March 10, 2014

Mets' Nonexistent First Base Competition

As the Mets entered spring training, one of the areas they hoped to obtain some clarity in was the future of the first base position.  They returned the former first baseman of the future, Ike Davis, and the recently trimmed down Lucas Duda.  The two were set to do battle this spring in an effort to win the starting first base role.  This haven't exactly gone as planned.

The team declared an intention to get Ike Davis as many as 100 at-bats prior to opening day, with the hope of fending off the slow starts that have derailed his previous two seasons.  So far this spring, he's had six.  Dual calf injuries, apparently caused by some errant weight lifting have now cost Davis more than a week of spring training.  Gone too is any hope of him getting 100 at-bats.

One thing that isn't gone is the likelihood that Davis will come out of camp with the first base gig.  Lucas Duda has only managed seven spring at-bats himself, hobbled by a hamstring injury of his own.  This is unfortunate, as Duda had hoped to separate himself and could have forced the Mets' hand had he really outperformed Davis this spring, after a winter full of extra work.

The Mets know less now than they did at the beginning of camp about the future of first base.  If both players were healthy, the outside chance of trading the loser of the competition remained.  Those hopes appear to be dashed at this point.  Neither's return to the lineup is imminent and as the calendar turns to the middle or March, the Mets have to be growing concerned.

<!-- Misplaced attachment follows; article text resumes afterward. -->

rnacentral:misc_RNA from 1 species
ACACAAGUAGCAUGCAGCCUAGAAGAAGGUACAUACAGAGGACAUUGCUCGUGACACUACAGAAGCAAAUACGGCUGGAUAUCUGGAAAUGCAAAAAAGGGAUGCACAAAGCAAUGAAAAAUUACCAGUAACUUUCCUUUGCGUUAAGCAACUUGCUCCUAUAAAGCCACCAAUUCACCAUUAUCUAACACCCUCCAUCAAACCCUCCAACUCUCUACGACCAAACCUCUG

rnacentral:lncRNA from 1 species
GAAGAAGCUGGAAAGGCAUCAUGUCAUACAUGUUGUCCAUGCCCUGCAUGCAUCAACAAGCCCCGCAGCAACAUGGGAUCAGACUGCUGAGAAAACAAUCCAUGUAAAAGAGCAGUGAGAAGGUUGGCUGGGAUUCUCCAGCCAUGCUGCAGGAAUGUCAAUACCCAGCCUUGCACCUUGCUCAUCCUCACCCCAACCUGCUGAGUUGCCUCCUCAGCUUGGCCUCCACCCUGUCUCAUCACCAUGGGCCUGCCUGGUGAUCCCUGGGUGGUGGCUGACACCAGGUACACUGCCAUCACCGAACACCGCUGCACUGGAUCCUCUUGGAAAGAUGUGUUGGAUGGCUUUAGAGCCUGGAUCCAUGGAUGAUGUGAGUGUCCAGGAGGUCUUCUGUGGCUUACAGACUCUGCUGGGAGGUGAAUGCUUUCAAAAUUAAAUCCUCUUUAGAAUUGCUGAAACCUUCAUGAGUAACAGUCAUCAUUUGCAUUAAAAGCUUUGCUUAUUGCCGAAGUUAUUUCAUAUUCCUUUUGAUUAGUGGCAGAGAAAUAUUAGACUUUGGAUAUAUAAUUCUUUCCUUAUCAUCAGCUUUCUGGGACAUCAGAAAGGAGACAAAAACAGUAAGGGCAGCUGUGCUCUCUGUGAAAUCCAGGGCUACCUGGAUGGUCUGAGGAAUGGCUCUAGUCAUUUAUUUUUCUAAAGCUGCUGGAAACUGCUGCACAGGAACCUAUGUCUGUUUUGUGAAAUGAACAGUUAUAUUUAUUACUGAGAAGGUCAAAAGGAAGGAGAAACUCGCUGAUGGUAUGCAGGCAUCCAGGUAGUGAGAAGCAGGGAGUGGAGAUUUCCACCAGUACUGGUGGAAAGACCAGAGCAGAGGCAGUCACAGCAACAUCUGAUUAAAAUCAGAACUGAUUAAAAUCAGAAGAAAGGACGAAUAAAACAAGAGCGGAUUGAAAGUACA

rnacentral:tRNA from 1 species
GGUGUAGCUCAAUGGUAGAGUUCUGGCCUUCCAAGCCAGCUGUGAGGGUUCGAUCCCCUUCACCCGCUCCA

1. Hey Rob, Besides being overjoyed with Ike's situation, the downside is Duda hasn't done much to convince anyone he deserves the job ! How come no ones getting on Duda's case here Rob ?
    If I read 7 or 8 writers here on Davis, all write negative on him. Why is that Rob ? It would seem Met fans are 50-50 on Davis pro or con, but you guys, well it's 100 per cent ! Just wondering.

    1. First and foremost, everyone here is free to write their own opinion. If we are all critical of Davis, rest assured its not an organized attack.

      Ike Davis is the better ball player. He had higher potential at the plate and played above average defense. He's also had nearly two years to get his act together. He deserves criticism.

      Duda has no such body of work. His offensive numbers have always been weak and he's a liability in the field no matter where he plays. If Duda ends up with the everyday gig, it's because Ike lost it, not because Duda did anything other than being the best remaining option to earn it.